Iraqi government turns on Sunni “Awakening” militias

 

[…] The Awakening Councils (Sahwa in Arabic) were created in regions of the country and Sunni suburbs of Baghdad that had been epicentres of armed resistance to the occupation. They were formed under conditions of intense US military operations against the insurgency, and pogroms against Sunni communities by elements of the Iraqi security forces and death squads loyal to the Shiite fundamentalist parties that dominate the government.

 

Thousands of Sunnis were killed and tens of thousands fled Baghdad to escape the massacres. Facing not only defeat but potential annihilation, up to 60,000 Sunni men in Baghdad, and 40,000 in provinces such as Anbar, Ninevah, Diyala and Salah ah Din, ultimately agreed to join US-paid militias and cease attacks on American forces. The US paid the militiamen between $150 and $300 a month. With mass unemployment gripping the country, this money has supported many Sunni families.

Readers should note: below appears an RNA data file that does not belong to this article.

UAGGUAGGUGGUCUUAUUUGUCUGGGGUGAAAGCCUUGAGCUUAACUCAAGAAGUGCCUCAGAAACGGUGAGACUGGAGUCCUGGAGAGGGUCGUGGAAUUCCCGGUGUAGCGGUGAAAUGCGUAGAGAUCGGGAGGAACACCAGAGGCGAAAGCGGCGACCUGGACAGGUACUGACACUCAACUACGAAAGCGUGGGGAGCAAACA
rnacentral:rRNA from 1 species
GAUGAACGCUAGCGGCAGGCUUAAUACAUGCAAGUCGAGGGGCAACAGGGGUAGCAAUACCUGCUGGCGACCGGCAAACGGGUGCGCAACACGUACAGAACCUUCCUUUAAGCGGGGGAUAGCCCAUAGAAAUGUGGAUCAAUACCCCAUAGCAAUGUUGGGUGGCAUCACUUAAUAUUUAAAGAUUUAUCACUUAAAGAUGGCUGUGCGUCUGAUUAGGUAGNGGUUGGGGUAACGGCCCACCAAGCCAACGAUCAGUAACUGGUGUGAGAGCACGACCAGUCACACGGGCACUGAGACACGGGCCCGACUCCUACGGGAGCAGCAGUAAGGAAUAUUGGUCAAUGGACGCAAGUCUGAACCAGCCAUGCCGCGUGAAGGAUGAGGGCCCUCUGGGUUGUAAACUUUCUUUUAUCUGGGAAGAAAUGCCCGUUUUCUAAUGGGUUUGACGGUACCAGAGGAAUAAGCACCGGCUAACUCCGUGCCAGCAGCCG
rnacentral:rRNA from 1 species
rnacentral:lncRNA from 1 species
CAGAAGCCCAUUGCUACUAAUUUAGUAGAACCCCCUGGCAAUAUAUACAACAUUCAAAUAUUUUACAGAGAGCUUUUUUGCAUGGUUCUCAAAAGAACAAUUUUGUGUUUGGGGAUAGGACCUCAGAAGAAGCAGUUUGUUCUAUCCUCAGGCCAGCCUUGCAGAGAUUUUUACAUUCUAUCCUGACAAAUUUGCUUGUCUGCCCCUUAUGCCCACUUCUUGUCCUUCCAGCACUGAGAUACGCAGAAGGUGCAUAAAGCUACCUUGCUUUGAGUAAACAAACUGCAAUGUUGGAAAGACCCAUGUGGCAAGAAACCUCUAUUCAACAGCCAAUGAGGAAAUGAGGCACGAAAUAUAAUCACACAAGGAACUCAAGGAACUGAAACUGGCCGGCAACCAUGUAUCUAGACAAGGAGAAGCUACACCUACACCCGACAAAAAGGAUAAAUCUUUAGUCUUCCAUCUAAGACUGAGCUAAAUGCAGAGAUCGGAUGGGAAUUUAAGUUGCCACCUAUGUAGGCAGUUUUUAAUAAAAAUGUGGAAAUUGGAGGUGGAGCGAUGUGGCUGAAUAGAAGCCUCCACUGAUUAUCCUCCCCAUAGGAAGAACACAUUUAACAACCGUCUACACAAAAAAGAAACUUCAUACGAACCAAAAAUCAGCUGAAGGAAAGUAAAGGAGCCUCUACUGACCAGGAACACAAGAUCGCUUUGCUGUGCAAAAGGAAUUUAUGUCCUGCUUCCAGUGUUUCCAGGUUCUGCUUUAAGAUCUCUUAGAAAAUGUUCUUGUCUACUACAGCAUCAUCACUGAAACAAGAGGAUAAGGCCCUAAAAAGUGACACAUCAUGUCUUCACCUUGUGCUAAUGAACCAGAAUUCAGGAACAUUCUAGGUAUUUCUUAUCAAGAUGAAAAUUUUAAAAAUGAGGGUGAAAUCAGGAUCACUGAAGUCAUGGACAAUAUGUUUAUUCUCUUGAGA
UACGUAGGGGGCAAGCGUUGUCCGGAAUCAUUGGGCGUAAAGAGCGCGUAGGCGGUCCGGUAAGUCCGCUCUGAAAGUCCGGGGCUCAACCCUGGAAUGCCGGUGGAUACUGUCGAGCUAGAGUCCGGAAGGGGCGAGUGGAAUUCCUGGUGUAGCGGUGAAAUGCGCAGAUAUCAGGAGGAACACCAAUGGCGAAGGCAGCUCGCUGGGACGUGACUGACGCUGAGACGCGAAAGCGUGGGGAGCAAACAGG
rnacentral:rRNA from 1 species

As part of the arrangement, the Awakening Councils assisted the occupation forces to hunt down intransigent elements of the insurgency that would not submit. In exchange, American troops prevented government forces and Shiite militias from entering Sunni districts. In Baghdad, this involved sealing them off from Shiite areas with 12-foot high concrete blast walls, transforming the city into a network of ghetto-like enclaves.

 

This political settlement, which has been the main factor in the ebb in violence over the past 18 months, is now breaking down  read article

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